Monday, September 7, 2009
"Prayer is not, in fact, a force having its first principle in us; it is not an effort of the human soul, trying to do violence to God in order to make Him change His providential dispositions. Such a manner of speaking, which is used occasionally, is a metaphorical, human way of expressing oneself. In reality, the will of God is absolutely immutable, but this superior immutability is precisely the source of the infallible efficacy of prayer.
Fundamentally it is very simple in spite of the mystery of grace involved in it. We have here a combination of the clear and the obscure that is most captivating and beautiful. First of all, we shall consider what is clear: true prayer is infallibly efficacious because God, who cannot contradict Himself, has decreed that it should be. This is what the contemplation of the saints examines profoundly.
Prayer is precisely a cause ordained to produce this effect: the obtaining of the gifts of God. All creatures exist only by the gifts of God, but the intellectual creature alone can realize this. Existence, health, physical strength, the light of the intellect, moral energy, success in our enterprises, all is the gift of God; but especially is this true of grace which leads to salutary good, causes it to be accomplished, and gives strength to persevere. Grace and, even more, the Holy Ghost who has been sent to us and who is the source of living water, is the gift par excellence which Christ spoke of to the Samaritan woman: 'If thou didst know the gift of God, and who He is that saith to thee: Give Me to drink; thou perhaps wouldst have asked of Him, and He would have given thee living water. . . . Whosoever drinketh of this water shall thirst again; but he that shall drink of the water that I will give him shall not thirst forever. But the water that I will give him shall become in him a fountain of water, springing up into life everlasting.'
Therefore prayer is necessary to obtain the help of God, as seed is necessary for the harvest. Even more, though the best seed, for lack of favorable exterior conditions, can produce nothing, though thousands of seeds are lost, true, humble, trusting prayer, by which we ask for ourselves what is necessary for salvation, is never lost. It is heard in this sense, that it obtains for us the grace to continue praying.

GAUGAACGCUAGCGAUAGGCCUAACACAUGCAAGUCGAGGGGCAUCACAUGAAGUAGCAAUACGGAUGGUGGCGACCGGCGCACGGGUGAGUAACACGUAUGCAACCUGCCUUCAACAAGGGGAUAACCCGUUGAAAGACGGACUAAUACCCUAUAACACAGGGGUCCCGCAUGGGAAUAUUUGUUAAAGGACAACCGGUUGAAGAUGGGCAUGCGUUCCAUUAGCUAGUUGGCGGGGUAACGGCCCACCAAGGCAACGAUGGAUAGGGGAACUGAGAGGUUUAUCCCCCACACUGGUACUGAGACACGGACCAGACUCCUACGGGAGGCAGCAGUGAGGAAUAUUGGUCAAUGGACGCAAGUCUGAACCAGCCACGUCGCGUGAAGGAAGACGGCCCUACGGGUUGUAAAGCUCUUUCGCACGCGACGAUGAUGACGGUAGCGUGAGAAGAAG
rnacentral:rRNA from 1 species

The efficacy of prayer well made is infallibly assured by Christ: 'Ask, and it shall be given you: seek and you shall find: knock, and it shall be opened to you. . . . And which of you, if he ask his father bread, will he give him a stone? Or a fish, will he for a fish give him a serpent? . . . If you then, being evil, know how to give good gifts to your children, how much more will your Father from heaven give the good Spirit to them that ask Him?' To the apostles He also says: 'Amen, amen I say to you: if you ask the Father anything in My name, He will give it to you. Hitherto you have not asked anything in My name.' Prayerful souls ought more than all others to live by this doctrine, which is elementary for every Christian; by living it, one discovers its depths.
Let us, therefore, have confidence in the efficacy of prayer. It is not only a human force which has its first principle in us; the source of its efficacy is in God and in the infinite merits of Christ. It descends from an eternal decree of love, it reascends to divine mercy. A fountain of water rises only if the water descends from an equal height. Likewise when we pray, it is not a question of persuading God, of inclining Him to change His providential dispositions; rather we have only to lift our will to the height of His in order to will with Him in time what He has'decided from all eternity to grant us. Far from tending to bring the Most High down toward us, "prayer is a lifting up of the soul toward God,' as the fathers say. When we pray and are heard, it seems to us that the will of God inclines toward us; on the contrary, it is ours which rises; we begin to will in time what God willed for us from all eternity."
-- The Three Ages of the Interior Life by Fr Reginald Garrigou-Lagrange, OP